Opening up Home Assistant to the internet with Duck DNS

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With Home Assistant installed on your Raspberry Pi, automatic backups set up, and the Studio Code Server add-on added, you’re now ready to dive into more exciting projects. If you are anything like me, you want to have the ability to control your smart home from outside of it as well. This beginner-friendly guide will show you how to achieve that, without spending any money, using Duck DNS.

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For those with privacy concerns, the following steps may not be suitable. This guide will demonstrate how to open your Home Assistant to the internet, exposing it to potential risks. It is essential to set a strong password for your Home Assistant account before proceeding.

In the following paragraphs, I will show you how to set up a custom URL using Duck DNS, and how to encrypt it using Let’s Encrypt. Additionally, we will explain which ports need to be opened on your router to complete the setup.

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Table of Contents

What is Duck DNS?

Duck DNS is a (currently) free dynamic DNS hosted on Amazon Web Services (AWS), which will point a subdomain of duckdns.org to an IP of your choice. Using it, you can open any service you have running locally to the internet. It can be used with just about every operating system on the market, and also with various routers. Duck DNS is supported by Patreon subscribers and accepts Bitcoin donations.

The great thing about using Duck DNS with Home Assistant is that you don’t need to worry about owning a static IP or the correct certificates. The Home Assistant add-on takes care of everything: It will update your Duck DNS subdomain with your current public IP, and it will make sure that the free Let’s Encrypt certificates are always valid.

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Configuring Home Assistant to use a static IP

It is imperative to configure Home Assistant to use a static IP before anything else. There are a few ways of doing this, but the easiest is built right into the Home Assistant settings. Open the Home Assistant Dashboard and navigate to the Settings, next select System, and finally Network. In the card titled ‘Configure network interfaces‘ you should see your wired and wireless network interfaces.

If you have followed my recommendations, you will be using a wired connection, and thus will be using ETH0. Simply switch from DHCP to Static and Home Assistant will automatically insert the current configuration it has received from the DHCP. If, for some reason, the information is not automatically entered, I have described how to figure out your gateway and IP address in a previous guide.

The reason behind doing this is that we will need to configure port forwarding in a later step. If the DHCP lease is up, and your Raspberry Pi running Home Assistant is assigned a new IP address, the port forwarding will no longer work.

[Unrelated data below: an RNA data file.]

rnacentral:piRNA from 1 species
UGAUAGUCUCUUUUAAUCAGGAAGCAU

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Signing up for a Duck DNS account

Signing up for a Duck DNS account only requires you logging in using a Twitter, Google, or Google account. Once logged in, you can register your subdomain using the prominent text field. The only other information you will need from this site is your token, As with all tokens and password, you should never share this one with anyone.

Installing and configuring the Duck DNS add-on for Home Assistant

I’ve covered the installation of Home Assistant add-ons in a previous guide. If you are unsure on how to proceed, refresh your memory by reading that article. The Duck DNS add-on is found as part of the official add-ons. Simply select and install it to get started.

Once installed, there is no need to immediately start the Duck DNS add-on, as it won’t be able to function without having been set up first.

Select the Configuration tab and enter your domain name and token, which you previously copied from Duck DNS. You will also have to change one line in the text field for Let’s Encrypt: Instead of accept_terms: false, you will want to change it to accept_terms: true. As mentioned earlier, the free SSL certificate is provided by Let’s Encrypt, making sure your connection is safe and secure. If interested, you can read up on the terms of service on their website. Once done, you will need to click on the button titled ‘save’ to continue.

You can now return to the Info tab, and finally start the Duck DNS add-on. However, before you start it, you can also decide whether you want to enable the watchdog and auto-updates.

Configuring Home Assistant’s internal and external URL

After having configured the Duck DNS add-on, you will need to define Home Assistant’s external/internet and internal/local URL. This is done so that you can access the Home Assistant Dashboard locally when at home, and using the URL when you are out. Head back to the same place where you configured the static IP address, and enter the appropriate URLs.

Letting Home Assistant know where the SSL certificates are

The last piece of information Home Assistant needs to be aware of is the location of the SSL certificates. To accomplish this, you can use the Studio Code Server add-on to open up the configuration.yaml file. Towards the bottom of this file, you simply need to add the following code:

http:
  ssl_certificate: /ssl/fullchain.pem
  ssl_key: /ssl/privkey.pem

The last piece of information Home Assistant needs to be aware of is the location of the SSL certificates. To accomplish this, you can use the Studio Code Server add-on to open up the configuration.yaml file. Towards the bottom of this file, you simply need to add the following code:

http:
  ssl_certificate: /ssl/fullchain.pem
  ssl_key: /ssl/privkey.pem

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